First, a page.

I and many others have excoriated the building trades for embracing Trump. Not only is it betraying the rest of the left and betraying the interests of many of their own members who are black, Latino, and/or Muslim, but it’s not even going to work out for them. Trump is going to sign a bill repealing Davis-Bacon if it gets past the Senate. And now he’s brought the former head of the construction industry’s chief lobbying group into the Department of Labor.
Last month, President Donald Trump hosted the chiefs of several building trades unions at the White House in a meeting notable for how friendly it was given that they had endorsed Hillary Clinton in the campaign.
In a particularly glowing statement after the meeting, Terry O’Sullivan, president of the Laborers’ International Union of North America, said Trump “has shown that he respects laborers who build our great nation, and that they will be abandoned no more.” That was in response to the administration’s effort to restart two controversial pipeline projects.
But the recent hiring at the Department of Labor of Geoffrey Burr, the former chief lobbyist of the construction industry’s trade group, has worker advocates alarmed.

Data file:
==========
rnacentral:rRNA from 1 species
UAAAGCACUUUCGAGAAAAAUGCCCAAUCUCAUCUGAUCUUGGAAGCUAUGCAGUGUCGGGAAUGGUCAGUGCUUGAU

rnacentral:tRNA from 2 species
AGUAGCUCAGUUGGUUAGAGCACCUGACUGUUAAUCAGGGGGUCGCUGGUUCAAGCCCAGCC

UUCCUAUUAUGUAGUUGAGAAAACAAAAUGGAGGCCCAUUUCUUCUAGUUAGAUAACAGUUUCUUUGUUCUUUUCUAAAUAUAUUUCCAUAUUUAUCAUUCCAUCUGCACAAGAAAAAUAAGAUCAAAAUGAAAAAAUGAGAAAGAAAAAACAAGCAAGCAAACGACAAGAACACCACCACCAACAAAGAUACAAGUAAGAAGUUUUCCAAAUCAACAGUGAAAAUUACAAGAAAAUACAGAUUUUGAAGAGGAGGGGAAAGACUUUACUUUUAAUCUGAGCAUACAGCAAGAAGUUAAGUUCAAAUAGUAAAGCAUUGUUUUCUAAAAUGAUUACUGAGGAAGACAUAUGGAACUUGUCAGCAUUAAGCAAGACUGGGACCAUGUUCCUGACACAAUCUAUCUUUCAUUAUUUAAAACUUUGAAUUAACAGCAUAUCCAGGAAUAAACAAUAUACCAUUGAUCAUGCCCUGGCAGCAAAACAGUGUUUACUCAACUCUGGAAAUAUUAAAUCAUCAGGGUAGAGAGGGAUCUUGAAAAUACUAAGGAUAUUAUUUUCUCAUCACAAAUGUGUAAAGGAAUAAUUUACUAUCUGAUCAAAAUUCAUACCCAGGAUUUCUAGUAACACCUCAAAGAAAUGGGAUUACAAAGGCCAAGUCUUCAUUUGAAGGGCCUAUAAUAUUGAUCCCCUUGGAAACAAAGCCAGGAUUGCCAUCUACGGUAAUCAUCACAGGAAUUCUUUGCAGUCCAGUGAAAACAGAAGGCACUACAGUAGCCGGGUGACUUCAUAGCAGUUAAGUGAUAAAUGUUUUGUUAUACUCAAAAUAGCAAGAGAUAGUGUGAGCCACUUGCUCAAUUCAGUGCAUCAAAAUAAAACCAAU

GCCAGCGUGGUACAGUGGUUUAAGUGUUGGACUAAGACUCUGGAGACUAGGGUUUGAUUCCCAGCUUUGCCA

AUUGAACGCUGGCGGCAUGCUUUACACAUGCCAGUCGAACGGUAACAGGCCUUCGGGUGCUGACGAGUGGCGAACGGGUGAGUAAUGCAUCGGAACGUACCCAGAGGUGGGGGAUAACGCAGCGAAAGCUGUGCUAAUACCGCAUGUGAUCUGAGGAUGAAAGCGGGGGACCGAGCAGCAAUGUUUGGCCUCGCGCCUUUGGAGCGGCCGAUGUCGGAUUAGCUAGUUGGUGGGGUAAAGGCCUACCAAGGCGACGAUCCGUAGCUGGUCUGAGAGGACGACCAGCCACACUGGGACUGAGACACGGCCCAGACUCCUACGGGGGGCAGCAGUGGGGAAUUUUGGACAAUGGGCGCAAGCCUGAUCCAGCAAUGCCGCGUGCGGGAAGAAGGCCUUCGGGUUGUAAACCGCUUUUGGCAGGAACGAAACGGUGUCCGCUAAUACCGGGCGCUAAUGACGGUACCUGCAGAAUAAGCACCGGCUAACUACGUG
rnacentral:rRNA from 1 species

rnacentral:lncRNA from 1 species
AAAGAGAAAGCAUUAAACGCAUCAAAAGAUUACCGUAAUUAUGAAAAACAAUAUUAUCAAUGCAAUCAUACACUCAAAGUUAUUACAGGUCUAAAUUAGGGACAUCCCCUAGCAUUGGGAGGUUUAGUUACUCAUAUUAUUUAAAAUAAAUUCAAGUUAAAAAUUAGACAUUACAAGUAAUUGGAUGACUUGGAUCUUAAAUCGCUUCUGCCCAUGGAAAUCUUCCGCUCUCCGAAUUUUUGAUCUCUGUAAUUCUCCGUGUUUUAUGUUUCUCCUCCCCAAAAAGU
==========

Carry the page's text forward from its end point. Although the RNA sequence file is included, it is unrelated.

It also highlights the dilemma of the building trades unions, the segment of organized labor that has been most friendly to Trump: They largely support his agenda on infrastructure and trade even as he is assembling a Department of Labor team that is hostile to unions and cherished wage standards on government contracts.
“What does it mean that we are putting people in charge of the Department of Labor, which is meant to be the strongest advocate for workers within the administration, who built their careers around advocating dismantling protections for workers?” asked Karla Walter, director of the American Worker Project at the Center for American Progress, a liberal think tank.
Burr, now a member of the Trump beachhead team at the Department of Labor, spent seven years as the vice president for government affairs at the Associated Builders and Contractors.
The group is a fierce opponent of the law that gives workers on government construction contracts the right to be paid in line with local prevailing wages — a rate determined by the Department of Labor. The idea of the Depression-era law, called the Davis-Bacon Act, is to protect workers from being undercut by lower-paid, less-skilled workers from other areas of the country.
But hey, the Laborers will get to build the Dakota Access Pipeline before their union is destroyed!